There was just one game on the slate during Monday’s NBA playoff action, and the whole exercise feels more and more pointless by the day. With seven days to go before the NBA Draft Lottery, the prospect of debating prospects feels a lot more interesting than watching a lot of the action taking place in the NBA right now.
Alas, we go first to the most dominant team in the league.
Golden State ripped off the greatest regular season of all-time last year, and if not for a series of unexpected oddities, they would have capped the season with a title and laid claim to the most dominant run in NBA history. Cleveland’s 3-1 comeback obscured their achievements a bit, and there is really no precedent for a team as good as they were needing a vengeance tour the next season.
LeBron James’ start to the 2017 postseason has been the dominant storyline in most NBA circles, but as people debate the ease through which he moves through his conference and compare his obstacles to other historical greats, no one seems all that flummoxed by the unstoppable Warriors juggernaut.
That 73-win team who ran roughshod over the league only added one of the three best players on the planet in the offseason, and with Kevin Durant up to speed they are making a mockery of the Western Conference playoffs. Durant sat out for stretches of their first-round series with Portland as a precautionary measure, and the Warriors rolled anyway.
They have the same record as the Cavs do in their respective conference playoffs, with nearly double the average scoring margin through their first eight games. Yet in #LightYears World, all you hear are veiled shots at the level of competition for the other guys:
Draymond Green not impressed by Pacers & Raptors: "You watch [Cavs], it's been amazing... The teams they're playing against, not so much." pic.twitter.com/EZBLOLN68M— Ben Golliver (@BenGolliver) May 9, 2017
The Warriors have an embarrassment of riches, players who should be judged not just within immediate context but considered in all-time discussions. Steph Curry was the first unanimous MVP in the history of the league last year. Draymond Green is the likely Defensive Player of the Year, Klay Thompson would be on pace to be the most prolific shooter ever if not for his teammate, and Durant was on a collision course with the Hall of Fame regardless of if he ever won a title.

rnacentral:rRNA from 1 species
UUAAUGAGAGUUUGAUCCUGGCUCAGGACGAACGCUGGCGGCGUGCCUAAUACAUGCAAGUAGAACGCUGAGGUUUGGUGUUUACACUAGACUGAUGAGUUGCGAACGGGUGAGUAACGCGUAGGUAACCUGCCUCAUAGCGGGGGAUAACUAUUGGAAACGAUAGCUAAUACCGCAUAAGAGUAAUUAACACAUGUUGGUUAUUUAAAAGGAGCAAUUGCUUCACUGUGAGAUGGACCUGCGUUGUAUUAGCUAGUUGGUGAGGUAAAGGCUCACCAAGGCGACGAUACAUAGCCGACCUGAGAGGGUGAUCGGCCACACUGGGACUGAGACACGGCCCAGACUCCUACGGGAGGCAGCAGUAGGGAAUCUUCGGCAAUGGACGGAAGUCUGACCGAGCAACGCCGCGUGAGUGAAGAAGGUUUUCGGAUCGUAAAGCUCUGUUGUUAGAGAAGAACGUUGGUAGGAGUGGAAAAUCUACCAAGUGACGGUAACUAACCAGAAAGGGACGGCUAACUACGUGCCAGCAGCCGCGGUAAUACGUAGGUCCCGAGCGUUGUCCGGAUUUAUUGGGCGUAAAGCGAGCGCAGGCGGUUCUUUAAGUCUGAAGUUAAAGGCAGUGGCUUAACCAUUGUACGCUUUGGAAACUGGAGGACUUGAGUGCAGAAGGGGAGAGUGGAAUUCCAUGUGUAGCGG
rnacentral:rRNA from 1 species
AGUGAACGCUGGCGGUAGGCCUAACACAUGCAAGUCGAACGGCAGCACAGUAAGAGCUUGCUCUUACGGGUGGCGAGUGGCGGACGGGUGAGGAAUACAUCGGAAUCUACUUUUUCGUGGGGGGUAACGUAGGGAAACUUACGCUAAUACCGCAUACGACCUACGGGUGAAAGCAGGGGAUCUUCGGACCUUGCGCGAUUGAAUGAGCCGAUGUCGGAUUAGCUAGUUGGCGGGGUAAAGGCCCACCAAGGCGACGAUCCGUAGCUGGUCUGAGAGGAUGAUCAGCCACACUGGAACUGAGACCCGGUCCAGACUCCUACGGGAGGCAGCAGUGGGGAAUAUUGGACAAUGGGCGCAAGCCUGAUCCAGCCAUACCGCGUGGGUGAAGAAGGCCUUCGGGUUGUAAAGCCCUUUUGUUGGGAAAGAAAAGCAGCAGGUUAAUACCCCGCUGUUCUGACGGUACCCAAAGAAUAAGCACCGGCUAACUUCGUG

Whether it’s the different expectations we collectively place on LeBron or the final fumes of the underdog aura that drew people to the Warriors to begin with, Golden State curb-stomping everything in their path doesn’t seem to matter to most people. When the Cavs vanquish multiple All-Stars on their way to the Conference Finals, suddenly those teams are retroactively trash and Cleveland didn’t play anyone; when the Warriors wax Utah—a team national writers spent months talking up as a tough matchup—way less people feel the need to marginalize Golden State’s team and individual accomplishments.
If anything, it feels like the expectations should be much higher for these Warriors. They submitted the most infamous choke job in NBA Finals history, and instead of running it back with the same group they neutered their biggest conference competitor and added a top-three player.
Maybe expecting other MVPs to be judged by LeBron is unlikely, and we’re all probably better off with players and teams not being unfairly torn apart. But we’re dealing with several figures who are outliers in the scope of NBA history, and only one in either conference seems to have their vaunted “path to the Finals” over-scrutinized.
Lonzo Ball rapping isn’t completely terrible, even if his dad is
I’m not going to be hankering for a mixtape anytime soon, but this is the least annoying thing the Ball family has done in the last few weeks, and a decent effort from a hooping rapper.
One NBA executive told me a few years ago that he’s heard of owners lurking on RealGM and Reddit to take the temperature of their fan bases before finalizing trades. It makes sense. The opinion of the most passionate and smartest fans live online.
No pressure guys, but make sure you keep coming here all the time and leaving comments about the players you do and do not want to be on the Sixers.
Also worth your time—an offshoot of The Ringer’s NBA Show, “High Upside”, that is apparently going to focus on draft coverage. In the first episode, O’Connor and Jonathan Tjarks talked about the wings in this year’s draft, and discussed some of the combatting styles and team-building philosophies that make up the difference in their evaluations.
If Kobe's storytelling exists primarily to make Kobe-ism easier to understand, it makes a perverse sort of sense that the story can only be told through words that only Kobe fully understands, using jargon that he made up himself, in a strange and seething universe that he is pulling from his imagination.
Regardless of the subject, I always recommend reading David’s work.
There will be new faces on the roster next season, and perhaps a new head man on the sideline, but Ujiri generally prefers a scalpel to dynamite, he doesn’t panic, and he likes to win. James’s brilliance and the business of basketball will ensure that Toronto can’t maintain its status quo, but Ujiri’s history suggests that the off–season will most likely unfold in a logical and methodical fashion.
Please sign Lowry to that extension, Masai. You’re our only hope.
I usually resist linking to TMZ and TMZ-esque coverage in this space, but this seemed too wild not to include. I also wish I was hearing about Bosh—a player whose game I enjoyed immensely—for reasons that actually involve basketball.